• This process provides not just an audit trail, but detailed opportunity for peer review on code, as well as chances to spot bugs, improve performance, and get required sign-off for any release to be deployed.

  • Depending on the settings of the repository, an approved review may be required before any PR can be merged into master to ensure this critical step isn't skipped.

  • With the approval given, we can merge the PR. Once this happens, our changes get merged into the master branch, and the automated part of our release cycle kicks in...

5. Continuous integration

At this point, we've got our changes in the master branch in source control. Now, we need to get them out into a QA sandbox for testing, and then out to Production for our end users. This is where deployment automation comes in.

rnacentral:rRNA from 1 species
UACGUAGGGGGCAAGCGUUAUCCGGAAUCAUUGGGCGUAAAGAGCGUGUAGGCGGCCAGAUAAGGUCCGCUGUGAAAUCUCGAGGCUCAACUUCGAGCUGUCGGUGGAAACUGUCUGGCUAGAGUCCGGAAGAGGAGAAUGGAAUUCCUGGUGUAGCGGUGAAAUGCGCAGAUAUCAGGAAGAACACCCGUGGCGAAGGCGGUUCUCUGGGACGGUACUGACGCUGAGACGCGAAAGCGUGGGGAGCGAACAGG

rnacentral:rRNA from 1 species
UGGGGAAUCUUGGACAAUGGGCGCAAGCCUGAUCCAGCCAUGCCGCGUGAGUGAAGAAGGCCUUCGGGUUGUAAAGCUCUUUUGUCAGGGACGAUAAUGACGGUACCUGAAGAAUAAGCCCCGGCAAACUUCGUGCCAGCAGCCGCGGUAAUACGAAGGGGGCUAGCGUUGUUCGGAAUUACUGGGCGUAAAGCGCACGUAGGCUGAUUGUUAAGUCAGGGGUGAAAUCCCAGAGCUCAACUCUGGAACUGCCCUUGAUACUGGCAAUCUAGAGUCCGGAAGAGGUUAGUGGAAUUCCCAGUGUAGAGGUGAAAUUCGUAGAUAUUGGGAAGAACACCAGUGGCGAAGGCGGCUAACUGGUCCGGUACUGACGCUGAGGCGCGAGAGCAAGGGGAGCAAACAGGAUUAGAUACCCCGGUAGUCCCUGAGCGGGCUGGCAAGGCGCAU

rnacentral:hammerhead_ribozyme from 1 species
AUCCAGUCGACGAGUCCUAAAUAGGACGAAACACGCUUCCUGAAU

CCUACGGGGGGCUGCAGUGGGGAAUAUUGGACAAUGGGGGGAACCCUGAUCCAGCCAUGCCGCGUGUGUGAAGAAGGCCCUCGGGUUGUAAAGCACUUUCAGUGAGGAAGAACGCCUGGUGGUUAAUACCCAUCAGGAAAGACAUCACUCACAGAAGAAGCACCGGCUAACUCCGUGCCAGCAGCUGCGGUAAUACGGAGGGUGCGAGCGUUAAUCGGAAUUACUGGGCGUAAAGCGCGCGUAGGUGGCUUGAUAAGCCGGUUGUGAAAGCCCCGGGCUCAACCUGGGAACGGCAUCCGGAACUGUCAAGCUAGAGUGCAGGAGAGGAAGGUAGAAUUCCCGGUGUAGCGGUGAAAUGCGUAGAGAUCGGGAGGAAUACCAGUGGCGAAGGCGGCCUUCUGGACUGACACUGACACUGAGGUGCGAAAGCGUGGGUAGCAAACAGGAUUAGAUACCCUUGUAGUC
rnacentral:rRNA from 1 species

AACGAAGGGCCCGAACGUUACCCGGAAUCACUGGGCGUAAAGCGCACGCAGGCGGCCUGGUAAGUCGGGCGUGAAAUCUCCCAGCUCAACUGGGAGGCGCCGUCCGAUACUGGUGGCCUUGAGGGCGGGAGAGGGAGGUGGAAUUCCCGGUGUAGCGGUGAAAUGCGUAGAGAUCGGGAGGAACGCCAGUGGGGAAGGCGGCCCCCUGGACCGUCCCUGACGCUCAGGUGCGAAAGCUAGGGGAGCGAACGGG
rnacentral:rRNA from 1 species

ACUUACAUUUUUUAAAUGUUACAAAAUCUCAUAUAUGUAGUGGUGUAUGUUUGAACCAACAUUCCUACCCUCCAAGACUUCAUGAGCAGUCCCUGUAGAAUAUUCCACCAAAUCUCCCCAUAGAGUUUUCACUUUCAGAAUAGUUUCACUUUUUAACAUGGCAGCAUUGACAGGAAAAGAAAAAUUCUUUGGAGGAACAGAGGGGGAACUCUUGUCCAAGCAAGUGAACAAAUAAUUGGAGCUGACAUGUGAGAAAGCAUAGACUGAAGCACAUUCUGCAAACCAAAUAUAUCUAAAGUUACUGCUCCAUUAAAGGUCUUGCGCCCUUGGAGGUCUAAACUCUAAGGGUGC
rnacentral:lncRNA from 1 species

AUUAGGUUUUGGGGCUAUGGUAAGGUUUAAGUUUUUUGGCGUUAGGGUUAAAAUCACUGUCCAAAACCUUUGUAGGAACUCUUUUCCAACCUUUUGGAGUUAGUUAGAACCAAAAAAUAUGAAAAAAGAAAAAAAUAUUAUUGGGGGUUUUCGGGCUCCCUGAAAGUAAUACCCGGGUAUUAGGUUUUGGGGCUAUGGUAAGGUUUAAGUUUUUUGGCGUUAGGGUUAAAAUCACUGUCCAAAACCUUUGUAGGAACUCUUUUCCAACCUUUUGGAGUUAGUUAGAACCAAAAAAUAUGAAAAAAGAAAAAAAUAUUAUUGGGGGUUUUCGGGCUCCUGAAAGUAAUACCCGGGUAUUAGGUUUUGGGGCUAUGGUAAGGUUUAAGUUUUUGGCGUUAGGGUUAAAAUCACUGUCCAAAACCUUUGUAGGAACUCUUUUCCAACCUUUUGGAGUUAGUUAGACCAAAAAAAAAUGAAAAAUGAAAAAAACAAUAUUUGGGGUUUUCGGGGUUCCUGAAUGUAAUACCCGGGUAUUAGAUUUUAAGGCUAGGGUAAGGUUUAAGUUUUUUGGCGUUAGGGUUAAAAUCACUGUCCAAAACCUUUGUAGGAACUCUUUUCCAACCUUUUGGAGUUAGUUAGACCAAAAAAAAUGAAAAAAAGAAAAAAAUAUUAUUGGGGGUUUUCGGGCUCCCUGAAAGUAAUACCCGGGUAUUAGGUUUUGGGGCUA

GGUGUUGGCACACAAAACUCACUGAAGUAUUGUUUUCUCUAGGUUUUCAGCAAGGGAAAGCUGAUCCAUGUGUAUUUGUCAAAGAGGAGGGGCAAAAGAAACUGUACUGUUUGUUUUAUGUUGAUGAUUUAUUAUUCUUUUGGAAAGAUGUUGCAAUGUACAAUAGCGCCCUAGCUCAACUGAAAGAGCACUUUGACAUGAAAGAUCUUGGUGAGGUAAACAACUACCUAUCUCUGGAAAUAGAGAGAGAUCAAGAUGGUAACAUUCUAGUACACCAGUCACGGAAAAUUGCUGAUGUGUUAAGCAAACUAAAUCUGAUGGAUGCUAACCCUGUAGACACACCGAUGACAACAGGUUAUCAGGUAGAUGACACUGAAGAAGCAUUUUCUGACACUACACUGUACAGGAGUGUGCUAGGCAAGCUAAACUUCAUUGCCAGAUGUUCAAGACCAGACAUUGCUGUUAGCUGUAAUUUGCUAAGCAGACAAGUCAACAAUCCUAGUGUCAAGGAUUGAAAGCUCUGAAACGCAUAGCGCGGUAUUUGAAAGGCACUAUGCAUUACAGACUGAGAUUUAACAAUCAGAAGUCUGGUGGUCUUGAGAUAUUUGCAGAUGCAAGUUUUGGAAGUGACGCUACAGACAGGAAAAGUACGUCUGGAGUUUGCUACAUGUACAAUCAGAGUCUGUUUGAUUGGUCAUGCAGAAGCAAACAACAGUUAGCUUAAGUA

In line with the best-practice diagram, we've got two CI jobs set up in Gearset which are watching our master branch for changes. One (called Auto-stage to QA) will immediately deploy them out to our QA sandbox for testing and approval. The other (called Auto-validate to Prod) will build a validated package against production and hold for approval to release. 

The key settings for the Auto-stage to QA job are:

  • Type: deployment

  • Source: our GitHub repository, master branch

  • Target: our QA sandbox

  • Runs job: when the source branch is updated

  • Run tests: Salesforce default

  • Other general settings have been left at their defaults

  • To find out more about how easy it is to set up CI in Gearset, have a look at our CI feature guide

  • When the PR was merged, the push event in the master branch triggered both jobs to run via a webhook. Looking at the CI jobs page in Gearset, we can see both of them have started running.

  • The Auto-stage to QA job automatically deploys the newly merged changes into our QA sandbox for testing. The history of the job is available for inspection at any point.